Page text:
In use since 2008, the Texas Petawatt Laser is the world’s most powerful laser. It is housed in the sub-sub-basement of the math and physics building at The University of Texas at Austin. For a small fraction of a second (1/10 of one trillionth of a second), this laser can produce light that is brighter than the surface of our sun. Todd Ditmire, Director of the Center for High-Intensity Laser Science said, “For a small area, for a small instance we have the brightest light in the universe.” It is 2,000 times more powerful than the sum of all power plants in the US.
Ditmire knows the ins and out of petawatt lasers, having worked on the first petawatt laser Lawrence Livermore National Laboratory in California. Although that laser was actually more powerful than the Texas Petawatt, the Livermore laser was discontinued in 1999. However, the Texas Petwatt (due to changes made by Ditmire) is more effective than it’s Californian counterpart. The Texas Petawatt works by dividing up a laser beam with a very small energy factor into different colored beams with different wavelengths. These divided beams are then bounced off amplifiers to speed them up. Then, the divided beams rejoin in a compressed state; this creates an intense pulse.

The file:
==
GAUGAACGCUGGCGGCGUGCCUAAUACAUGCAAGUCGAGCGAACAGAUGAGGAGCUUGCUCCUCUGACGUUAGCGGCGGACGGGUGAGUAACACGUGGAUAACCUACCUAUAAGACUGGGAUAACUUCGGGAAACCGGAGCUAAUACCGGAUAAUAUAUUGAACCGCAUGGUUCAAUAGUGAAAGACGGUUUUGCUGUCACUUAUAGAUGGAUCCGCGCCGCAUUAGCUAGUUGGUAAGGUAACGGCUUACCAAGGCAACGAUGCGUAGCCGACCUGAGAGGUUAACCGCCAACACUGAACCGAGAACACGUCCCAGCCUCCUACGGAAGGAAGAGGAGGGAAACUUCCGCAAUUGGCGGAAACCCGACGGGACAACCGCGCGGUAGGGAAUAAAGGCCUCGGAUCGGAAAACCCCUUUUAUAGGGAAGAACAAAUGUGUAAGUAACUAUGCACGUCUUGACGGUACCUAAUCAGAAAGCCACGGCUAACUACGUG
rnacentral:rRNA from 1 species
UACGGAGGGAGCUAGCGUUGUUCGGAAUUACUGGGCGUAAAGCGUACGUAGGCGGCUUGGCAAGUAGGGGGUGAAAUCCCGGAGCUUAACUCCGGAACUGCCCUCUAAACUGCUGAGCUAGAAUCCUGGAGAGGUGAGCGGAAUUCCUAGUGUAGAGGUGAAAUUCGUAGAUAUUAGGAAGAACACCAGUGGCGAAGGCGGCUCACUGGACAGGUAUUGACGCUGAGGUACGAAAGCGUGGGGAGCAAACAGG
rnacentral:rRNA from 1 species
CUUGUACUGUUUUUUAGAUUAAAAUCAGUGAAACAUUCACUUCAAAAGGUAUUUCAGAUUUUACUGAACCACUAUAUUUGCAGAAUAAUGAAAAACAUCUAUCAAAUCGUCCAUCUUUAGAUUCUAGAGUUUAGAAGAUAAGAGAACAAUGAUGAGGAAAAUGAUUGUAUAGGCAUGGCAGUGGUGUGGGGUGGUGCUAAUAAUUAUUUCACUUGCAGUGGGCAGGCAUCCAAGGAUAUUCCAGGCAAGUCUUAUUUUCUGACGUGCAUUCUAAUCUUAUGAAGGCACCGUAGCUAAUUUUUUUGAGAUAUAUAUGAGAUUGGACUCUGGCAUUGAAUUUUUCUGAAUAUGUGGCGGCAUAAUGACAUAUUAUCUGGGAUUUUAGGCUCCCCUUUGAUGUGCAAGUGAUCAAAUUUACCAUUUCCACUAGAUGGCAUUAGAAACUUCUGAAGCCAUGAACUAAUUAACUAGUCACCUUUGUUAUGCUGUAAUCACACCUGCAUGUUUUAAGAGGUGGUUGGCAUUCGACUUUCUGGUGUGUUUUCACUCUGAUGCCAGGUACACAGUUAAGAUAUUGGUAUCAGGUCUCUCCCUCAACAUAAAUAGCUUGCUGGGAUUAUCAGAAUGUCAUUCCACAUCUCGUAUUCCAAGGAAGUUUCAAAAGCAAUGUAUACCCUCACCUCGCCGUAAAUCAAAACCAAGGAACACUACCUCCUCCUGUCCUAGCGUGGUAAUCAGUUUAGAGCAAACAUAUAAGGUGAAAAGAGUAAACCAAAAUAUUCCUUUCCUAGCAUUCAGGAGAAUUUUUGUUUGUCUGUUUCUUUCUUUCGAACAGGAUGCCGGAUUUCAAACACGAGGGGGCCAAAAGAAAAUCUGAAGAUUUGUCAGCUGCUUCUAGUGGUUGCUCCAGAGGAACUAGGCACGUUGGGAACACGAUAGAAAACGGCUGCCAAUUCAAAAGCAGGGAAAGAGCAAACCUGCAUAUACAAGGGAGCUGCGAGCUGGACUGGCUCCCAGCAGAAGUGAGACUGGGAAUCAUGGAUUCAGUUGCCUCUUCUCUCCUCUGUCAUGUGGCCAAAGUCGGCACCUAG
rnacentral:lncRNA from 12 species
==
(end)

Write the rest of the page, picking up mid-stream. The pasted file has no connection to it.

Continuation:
“That’s how you do the experiment,” Ditmire said, “We observe what happens. We take snapshots of explosions.” These are highly controlled nuclear fusion explosions. Despite its enormous power, the Texas Petawatt laser is very safe. It cost $14 million to build the laser, and was mainly funded by National Nuclear Security Administration, a division of the Department of Energy.